Message-Level Security

Message-level security allows you to digitally sign or encrypt documents exchanged between systems or business partners. It improves communication-level security by adding security features that are particularly important for inter-enterprise communication. Message-level security is recommended and sometimes a prerequisite for inter-enterprise communication.

?     A digital signature authenticates the business partner signing the message and ensures data integrity of the business document carried by a message.

Signatures are used in two scenarios:

0     Non-repudiation of origin

The sender signs a message so that the receiver can prove that the sender actually sent the message.

0     Non-repudiation of receipt

The receiver signs a receipt message back to the sender so that the original sender can prove that the receiver actually received the original message.

?     Message-level encryption is required if message content needs to be confidential not only on the communication lines but also in intermediate message stores.

SAP NetWeaver usage type Process Integration (PI) offers message-level security for the XI protocol itself, for the RosettaNet protocol, for the CIDX protocol, and for the SOAP and Mail adapters. The table below summarizes the message-level security features of these protocols and adapters.

Message-Level Security Features

XI Protocol (XI 3.0)



RNIF 2.0


Messaging components

Integration Server and PCK

Adapter Engine and PCK

Adapter Engine

Adapter Engine

Adapter Engine







Non-repudiation of origin



(Web service security)




Non-repudiation of receipt











Web service security (XML signature)

Signed parts are the SAP main header, the SAP manifest, and the payloads (SOAP attachments).

Encrypted parts are the payloads (SOAP attachments).


Web service security (XML signature)

The SOAP body is signed.




XI 3.0 is the XI protocol valid for both SAP NetWeaver ґ04 and SAP NetWeaver 2004s.

Message-level security is not guaranteed across the entire communication path of a message, but only for the intended B2B connections, which can be the following communication paths, as described under Service Users for Message Exchange.

?     XI protocol

0     (s4) Integration Server to Integration Server, PCK to Integration Server

0     (r4) Integration Server to Integration Server, Integration Server to PCK

?     SOAP protocol

0     (s3) SOAP sender to Adapter Engine or PCK

0     (r3) Adapter Engine or PCK to SOAP receiver

?     Mail protocols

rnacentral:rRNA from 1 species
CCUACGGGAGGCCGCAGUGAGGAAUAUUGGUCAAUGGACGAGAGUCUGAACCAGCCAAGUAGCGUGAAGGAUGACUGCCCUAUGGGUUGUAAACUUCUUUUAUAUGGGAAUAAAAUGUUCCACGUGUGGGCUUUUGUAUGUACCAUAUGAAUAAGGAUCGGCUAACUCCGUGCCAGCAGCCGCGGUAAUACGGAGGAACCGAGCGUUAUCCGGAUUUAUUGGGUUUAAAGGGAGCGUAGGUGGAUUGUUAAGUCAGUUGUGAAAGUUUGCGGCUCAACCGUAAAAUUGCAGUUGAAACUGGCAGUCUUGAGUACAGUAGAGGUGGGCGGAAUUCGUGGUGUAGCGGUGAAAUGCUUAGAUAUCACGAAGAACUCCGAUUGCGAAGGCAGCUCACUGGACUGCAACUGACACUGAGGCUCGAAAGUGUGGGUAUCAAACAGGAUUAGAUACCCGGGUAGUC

0     (s3) Mail server to Adapter Engine or PCK (IMAP4/POP3)

0     (r3) Adapter Engine or PCK to mail server (IMAP4/SMTP)

?     RNIF and CIDX protocol

0     (s3) RNIF or CIDX sender to Adapter Engine

0     (r3) Adapter Engine to RNIF or CIDX receiver

You define whether and how message-level security is to be applied to messages in the Integration Directory by using sender agreements on the inbound (sender) side in scenarios (s3) and (s4) and by using receiver agreements on the outbound (receiver) side in scenarios (r3) and (r4). For more information about configuring message-level security, see Security Configuration at Message Level.

Message-level security relies on public and private x.509 certificates maintained in the J2EE keystore, where each certificate is identified by its alias name and the keystore view where it is stored. Certificates are used in the following situations:

?     When signing a message, the sender signs it with its private key and attaches its certificate containing the public key to the message.

The receiver then verifies the digital signature of the message with the sender’s certificate attached to the message. There are two alternative trust models to verify the authenticity of the sender’s public certificate:

0     In the direct trust model, the signer’s public key certificate is compared with the locally maintained, expected public key certificate of the partner. Therefore, the direct trust model requires offline exchange of public key certificates, which can be self-signed or issued by a CA.

0     In the hierarchical trust model, the signer’s public key certificate is validated by a locally maintained public certificate of the CA that issued the signer’s public certificate. In addition, the subject name and the issuer of the signer’s certificate is compared with the expected partner’s identity configured in a receiver agreement on the receiver side.

Generally, the hierarchical trust model enables chains of certificates attached to the message. The XI 3.0 message format, however, does not support such chains; the certificate used for signing has to be signed by a root CA.

In the hierarchical trust model, the sender and the receiver only need to agree upon the CA and the subject name that the sender has used in its certificate.

The following trust models are supported:

0     The RNIF and CIDX adapters support both a direct and a single-level hierarchical trust models.

0     The XI protocol and the SOAP adapter (with Web service security) only support a single-level hierarchical trust model.

0     The Mail adapter and the SOAP adapter (with S/MIME) support a multi-level hierarchical trust model.

?     When encrypting a message, the sender encrypts with the public key of the receiver (also verifying the correctness of the receiver’s certificate by using the public key of the certificate’s root CA).

The receiver decrypts with its private key certificate.

For more information about the certificate store, see Certificate Store.

Whenever a message is signed, the receiver archives the signed messages for non-repudiation purposes. See Archiving Secured Messages.